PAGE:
Chinese Family Life,  My Life

Living with Chinese in-laws…or not?

I’ve been now living with my Chinese in-laws for a year and reading Jocelyn’s recent blog post inspired me to write more what it is like to live with your Chinese husband’s parents. Jocelyn writes that she is happy in staying in the family house and the village that surrounds it, but honestly speaking I wouldn’t be able to do that my self.

Of course there are many good reasons for all to live together. You don’t have to pay rent for example that can be very expensive especially if you live in the center of a big city like Guangzhou. Moving to the city would make my husband’s daily commute much much shorter, but it would also mean paying even 3000RMB per month for rent.

It is also a luxury to have my mother-in-law to cook for us day in day out. She makes simple Cantonese dishes which I mostly like and not having to cook also means you don’t have to do grocery shopping either. As I don’t know how to cook Chinese food, I help out with washing the dishes.

Living together with Alan’s parents gives us a sense of safety as we don’t have to worry about not having enough food to live and eat. But on the other hand it makes us feel too safe and living with parents can make you fall back into being a kid again.

So what are the reasons that we are now renovating the old family house for us and wanting a place for just us two?

First of all we want to be grownups and take care of our selves in a way we think is good for us. Having Alan’s mother to peek into our room everyday looking for shirts and socks to wash isn’t good for us, because we should be the ones taking care of that. We should be aware of the costs for eating out versus cooking yourself. Having parents in the same house makes us too carefree and doesn’t allow us to be independent.

Secondly me  and my husband disagree with his parents in many cases. For example the parents think that eating out and going to movies is too expensive, but me and Alan need these date nights to keep our selves happy. Because we live far away from the city center, we also often see our friends in one of the restaurants around Guangzhou.

Thirdly we want a place where our words is the final word. Of course living in the old family house means that the parents live just a few steps away and own the house, but we can still decorate and furnish it the way we like. We can stay up late watching a movie and sleep in on weekends without having the parents blame us on having unhealthy living habits.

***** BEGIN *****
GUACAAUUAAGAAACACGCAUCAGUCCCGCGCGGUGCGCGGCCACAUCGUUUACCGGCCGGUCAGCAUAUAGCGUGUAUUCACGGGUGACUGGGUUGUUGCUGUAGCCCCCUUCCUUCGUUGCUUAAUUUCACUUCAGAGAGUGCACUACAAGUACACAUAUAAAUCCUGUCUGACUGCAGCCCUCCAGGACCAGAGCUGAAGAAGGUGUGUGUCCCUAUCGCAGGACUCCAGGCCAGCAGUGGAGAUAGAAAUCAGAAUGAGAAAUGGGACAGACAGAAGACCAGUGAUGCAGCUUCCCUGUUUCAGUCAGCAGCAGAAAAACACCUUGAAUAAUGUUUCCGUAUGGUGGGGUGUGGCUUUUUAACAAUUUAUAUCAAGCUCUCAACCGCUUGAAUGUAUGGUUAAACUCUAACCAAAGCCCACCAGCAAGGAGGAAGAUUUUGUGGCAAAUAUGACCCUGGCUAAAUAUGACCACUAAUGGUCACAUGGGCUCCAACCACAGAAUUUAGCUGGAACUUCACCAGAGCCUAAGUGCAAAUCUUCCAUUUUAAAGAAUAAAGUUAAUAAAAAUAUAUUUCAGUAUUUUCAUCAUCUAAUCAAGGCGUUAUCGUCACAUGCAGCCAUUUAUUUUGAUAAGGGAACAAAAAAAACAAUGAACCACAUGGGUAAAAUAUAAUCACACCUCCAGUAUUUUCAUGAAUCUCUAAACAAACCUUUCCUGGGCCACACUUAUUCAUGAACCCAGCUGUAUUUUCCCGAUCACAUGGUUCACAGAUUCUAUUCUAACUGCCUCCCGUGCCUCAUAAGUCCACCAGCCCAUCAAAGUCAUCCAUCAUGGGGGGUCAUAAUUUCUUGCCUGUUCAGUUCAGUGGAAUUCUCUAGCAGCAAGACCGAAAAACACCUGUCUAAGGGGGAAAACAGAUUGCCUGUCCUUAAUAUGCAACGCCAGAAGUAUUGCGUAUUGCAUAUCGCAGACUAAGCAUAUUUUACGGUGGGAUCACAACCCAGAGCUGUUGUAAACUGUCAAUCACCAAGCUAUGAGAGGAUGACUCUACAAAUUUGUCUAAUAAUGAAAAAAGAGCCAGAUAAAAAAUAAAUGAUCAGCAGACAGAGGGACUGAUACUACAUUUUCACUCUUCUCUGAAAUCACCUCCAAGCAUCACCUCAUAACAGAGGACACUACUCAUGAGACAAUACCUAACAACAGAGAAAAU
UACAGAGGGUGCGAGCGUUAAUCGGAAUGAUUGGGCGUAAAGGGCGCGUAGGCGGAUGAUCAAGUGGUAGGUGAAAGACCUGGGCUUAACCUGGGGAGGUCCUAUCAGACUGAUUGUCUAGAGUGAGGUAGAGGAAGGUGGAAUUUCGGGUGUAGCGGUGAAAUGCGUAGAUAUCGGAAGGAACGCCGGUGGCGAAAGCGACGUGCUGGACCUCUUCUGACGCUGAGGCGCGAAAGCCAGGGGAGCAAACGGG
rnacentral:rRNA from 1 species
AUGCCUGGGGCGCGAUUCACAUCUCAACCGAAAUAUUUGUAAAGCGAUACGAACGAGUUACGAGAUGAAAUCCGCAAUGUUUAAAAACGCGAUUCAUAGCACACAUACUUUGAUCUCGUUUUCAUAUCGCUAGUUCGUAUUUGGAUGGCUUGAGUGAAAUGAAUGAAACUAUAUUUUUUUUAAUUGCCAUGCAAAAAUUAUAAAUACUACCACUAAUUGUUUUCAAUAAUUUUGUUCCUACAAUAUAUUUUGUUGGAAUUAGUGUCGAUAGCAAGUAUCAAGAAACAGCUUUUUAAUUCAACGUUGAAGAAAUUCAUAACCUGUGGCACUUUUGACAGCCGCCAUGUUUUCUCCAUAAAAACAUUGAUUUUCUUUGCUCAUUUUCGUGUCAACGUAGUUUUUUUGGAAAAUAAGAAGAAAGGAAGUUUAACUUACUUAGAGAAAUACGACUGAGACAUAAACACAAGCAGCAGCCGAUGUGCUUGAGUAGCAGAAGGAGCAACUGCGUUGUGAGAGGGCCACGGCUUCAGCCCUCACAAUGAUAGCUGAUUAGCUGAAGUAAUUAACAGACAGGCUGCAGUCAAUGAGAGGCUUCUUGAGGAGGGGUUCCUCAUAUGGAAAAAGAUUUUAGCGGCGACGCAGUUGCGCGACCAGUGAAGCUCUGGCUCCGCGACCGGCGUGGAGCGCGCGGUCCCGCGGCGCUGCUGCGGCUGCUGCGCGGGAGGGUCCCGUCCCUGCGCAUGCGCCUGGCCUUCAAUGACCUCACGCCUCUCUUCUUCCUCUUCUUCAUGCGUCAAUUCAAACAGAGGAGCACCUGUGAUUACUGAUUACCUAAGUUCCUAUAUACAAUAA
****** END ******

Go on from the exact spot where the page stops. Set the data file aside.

As an introvert Finn I also need that mental space for my self to be truly happy. I don’t think it’s very realistic to think I would change into someone who would love to have company all the time, especially company who tells you how to live your life.

Living with the in-laws have been extremely valuable time for me. I have got to known them so much better, including my husband, that wouldn’t have been possible otherwise. I’m very grateful of all their help and support as well.

But this Spring it’s time for us to start our independent life. It will be very exciting and new for all of us, but me and Alan believe it’s the right decision to make.


  • Maria

    I agree 100% with everything that you have said here Sara. I think that it is good for you to have a solid foundation in the beginning, but then it is time to branch out on your own and live your own life. I hope that you and Alan are happy living in your first home together!

    Sara Jaaksola Reply:

    Thank you Maria, I can’t wait to move to our own place!

  • Nicki Chen

    It sounds like you have thought things through and have made a decision that is right for you. When you have your own home, you will feel like equal partners. Best of luck.

    Sara Jaaksola Reply:

    Thank you Nicki. I also think that living in our own home, but close to family, is the best decision for all of us.

  • Donna

    Totally agree. I also can’t imagine to live with parents – neither my own, nor my parents-in-law. I need my own living space, I want to be able to walk around the house in my underwear, eat what and when I want, listen music, watching movies, all that without someone telling me what should I do or what I shouldn’t etc.
    Of course I respect and love parents but in my adult life I want to have control of how I live.

    Sara Jaaksola Reply:

    I agree with you Donna, I think we are on the same wavelength on this.

  • chinaelevatorstories